Although there are still too many peanuts overhanging the market from bumper U.S. crops in 2012 and 2013, U.S. producers may increase acreage this year because alternate crops don’t hold much promise for better returns.
“This is going to be a year in which growers have to make the right decisions about what to plant — and that’s going to be very difficult to do,” says Marshall Lamb, who’s research leader at the USDA/ARS National Peanut Research Laboratory at Dawson, Ga.
“If we have more peanut acres this year and another high average yield, we’ll have another large carryout going from 2014 into 2015, there will be another oversupply, and prices will be low again in in 2015,” he said at the annual meeting of the Mississippi Peanut Growers Association at Hattiesburg.
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A look at estimated breakeven prices for key southern crops shows the dilemma facing growers.
“For 4,600 pound irrigated peanuts, breakeven [based on Georgia budgets] is $440 per ton; for 200 bushel irrigated corn, breakeven is $4.50 per bushel; for 1,150-pound irrigated cotton, breakeven is 80 cents per pound; and for 57 bushel irrigated soybeans, breakeven is $11.57 per bushel.”
Thus, irrigated corn would equate to $400 per ton peanuts; 80-cent cotton would equate to $453 per ton peanuts; soybeans at $12.41 per bushel would equate to $426 per ton peanuts; and double-cropped wheat/soybeans would equate to $465 peanuts.
“Although I’m not aware of any peanut contracts being offered today, I heard of some earlier at 22 cents per pound, or $440 per ton,” Lamb says. “So, that would make peanuts competitive for acres with corn, cotton, and soybeans.”
While no one can predict the vagaries of growing season weather, or conditions in competing countries, he says the potential is for growers in the U.S. Midwest to do what they do every year — plant a lot of corn and soybeans.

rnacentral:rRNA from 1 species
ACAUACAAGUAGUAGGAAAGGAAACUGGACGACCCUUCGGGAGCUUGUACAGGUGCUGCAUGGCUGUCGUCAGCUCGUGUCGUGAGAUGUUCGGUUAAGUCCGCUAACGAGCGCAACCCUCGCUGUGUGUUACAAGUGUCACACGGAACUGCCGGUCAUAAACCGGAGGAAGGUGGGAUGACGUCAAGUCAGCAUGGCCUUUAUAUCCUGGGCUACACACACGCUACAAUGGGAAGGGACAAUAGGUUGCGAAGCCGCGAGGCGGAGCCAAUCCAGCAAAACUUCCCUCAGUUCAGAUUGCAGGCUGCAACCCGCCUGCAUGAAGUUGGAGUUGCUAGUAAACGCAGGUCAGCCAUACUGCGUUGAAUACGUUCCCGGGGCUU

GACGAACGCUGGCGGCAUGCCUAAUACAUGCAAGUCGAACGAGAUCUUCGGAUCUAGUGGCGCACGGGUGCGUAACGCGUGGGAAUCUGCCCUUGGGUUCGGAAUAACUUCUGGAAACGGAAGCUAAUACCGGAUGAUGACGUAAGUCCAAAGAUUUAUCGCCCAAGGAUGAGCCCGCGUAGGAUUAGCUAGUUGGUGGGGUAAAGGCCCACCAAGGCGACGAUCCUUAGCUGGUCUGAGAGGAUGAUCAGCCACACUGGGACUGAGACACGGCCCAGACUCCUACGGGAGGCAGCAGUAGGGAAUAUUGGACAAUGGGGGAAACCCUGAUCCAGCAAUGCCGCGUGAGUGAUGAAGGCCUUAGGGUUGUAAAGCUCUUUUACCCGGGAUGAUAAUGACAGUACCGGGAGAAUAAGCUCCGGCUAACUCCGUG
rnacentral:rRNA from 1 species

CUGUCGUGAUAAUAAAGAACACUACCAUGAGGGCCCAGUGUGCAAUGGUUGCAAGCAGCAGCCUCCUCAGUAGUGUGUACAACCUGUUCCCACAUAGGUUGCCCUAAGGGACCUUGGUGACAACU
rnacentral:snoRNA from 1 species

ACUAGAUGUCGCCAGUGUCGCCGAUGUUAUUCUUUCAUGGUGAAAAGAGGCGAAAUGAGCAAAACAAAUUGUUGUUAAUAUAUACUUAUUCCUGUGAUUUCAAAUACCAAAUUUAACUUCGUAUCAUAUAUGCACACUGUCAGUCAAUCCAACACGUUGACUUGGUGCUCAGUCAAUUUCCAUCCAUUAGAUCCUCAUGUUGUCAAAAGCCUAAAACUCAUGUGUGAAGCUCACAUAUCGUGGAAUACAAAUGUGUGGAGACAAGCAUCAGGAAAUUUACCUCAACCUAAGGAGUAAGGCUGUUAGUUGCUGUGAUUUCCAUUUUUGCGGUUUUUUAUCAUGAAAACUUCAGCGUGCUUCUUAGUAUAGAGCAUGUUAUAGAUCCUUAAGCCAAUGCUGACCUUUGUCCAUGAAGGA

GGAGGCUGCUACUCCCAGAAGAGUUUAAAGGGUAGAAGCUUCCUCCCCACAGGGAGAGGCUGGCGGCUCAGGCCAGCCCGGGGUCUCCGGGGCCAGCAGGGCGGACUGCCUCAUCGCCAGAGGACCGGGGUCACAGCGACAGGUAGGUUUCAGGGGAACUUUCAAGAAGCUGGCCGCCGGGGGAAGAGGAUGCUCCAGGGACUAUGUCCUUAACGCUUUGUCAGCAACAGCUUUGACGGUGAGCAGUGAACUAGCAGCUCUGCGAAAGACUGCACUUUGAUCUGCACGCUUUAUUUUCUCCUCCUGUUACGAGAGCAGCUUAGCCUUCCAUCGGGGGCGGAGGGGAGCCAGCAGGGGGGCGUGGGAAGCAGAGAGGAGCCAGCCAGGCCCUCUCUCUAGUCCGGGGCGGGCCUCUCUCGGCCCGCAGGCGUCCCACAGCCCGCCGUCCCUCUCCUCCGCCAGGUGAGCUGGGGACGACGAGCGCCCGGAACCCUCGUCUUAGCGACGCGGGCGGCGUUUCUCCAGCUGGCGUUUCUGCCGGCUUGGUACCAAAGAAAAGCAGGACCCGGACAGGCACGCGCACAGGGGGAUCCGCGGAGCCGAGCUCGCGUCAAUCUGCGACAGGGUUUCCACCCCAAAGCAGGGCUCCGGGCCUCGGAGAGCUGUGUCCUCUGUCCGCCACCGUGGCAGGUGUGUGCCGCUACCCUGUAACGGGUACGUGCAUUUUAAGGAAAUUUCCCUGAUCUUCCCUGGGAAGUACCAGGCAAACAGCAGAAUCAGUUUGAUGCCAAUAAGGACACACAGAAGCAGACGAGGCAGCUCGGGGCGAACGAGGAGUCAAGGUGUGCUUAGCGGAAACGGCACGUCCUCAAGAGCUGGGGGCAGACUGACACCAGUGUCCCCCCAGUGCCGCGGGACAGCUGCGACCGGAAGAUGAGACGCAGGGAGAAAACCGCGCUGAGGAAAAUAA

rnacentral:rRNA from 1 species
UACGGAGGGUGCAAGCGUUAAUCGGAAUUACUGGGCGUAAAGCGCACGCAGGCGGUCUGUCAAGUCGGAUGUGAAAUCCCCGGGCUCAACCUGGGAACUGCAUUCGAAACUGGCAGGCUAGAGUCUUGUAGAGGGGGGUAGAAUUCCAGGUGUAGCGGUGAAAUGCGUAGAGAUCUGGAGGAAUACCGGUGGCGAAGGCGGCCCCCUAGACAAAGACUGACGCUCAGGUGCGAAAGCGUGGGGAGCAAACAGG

“And it’s what Midwest growers do that has the greatest influence on corn and soybean prices — not what we do here in the Southeast. With their potential to produce a lot of corn for a market that’s already in surplus, as well as a lot of soybeans, the outlook is not bright for significant price appreciation in either of those crops.”
Which means southern farmers, who’ve been riding the corn/soybean boom in recent years and who have the option of growing peanuts, may elect to plant more of that crop this year.
Impact of Midwest crop decisions
Corn/soybean production costs for Midwest farmers have risen significantly, Lamb notes, which makes it all the more critical that they produce high yields in order to cover costs.
“Illinois Farm Business Management Association figures, based on grower data, show their total cost per acre of growing corn has gone up from $400 in 2004 to $800-plus in 2013. Some of that is related to higher energy and nitrogen costs, but total input costs have risen from $172 per acre to $372.
“With skyrocketing Midwest farmland prices, their land costs — whether rented or owned — have gone from an average $140 per acre to $276 per acre.
“For corn, their breakeven price over variable cost has gone from about $2 per bushel in the mid-2000s to $4.31-$4.65 per acre now. Corn prices today are around $4.50, which can put a big squeeze on a lot of Midwest growers.”
The same trend holds for the region’s soybean producers, Lamb says. “Their cost of production went from $300 per acre in mid-2000s to $548 in 2013. Inputs went from $90 per acre to $163, and land costs doubled to $276.
“This also puts them in a very tight situation in terms of breakeven. Their breakeven price, over variable costs, has skyrocketed from the $5-6 per bushel range to $10-$11. Today, we’re looking at around $11 per bushel for soybeans, so it’s going to be very difficult for these producers.”
For all the major U.S. crops, Lamb says, the overriding influence on markets is the supply-demand ratio.
While USDA’s stocks-to-use ratios for U.S. corn, soybeans, and cotton have remained fairly flat for the 2011-13, period, they have risen globally, reflecting greater supplies worldwide, he says.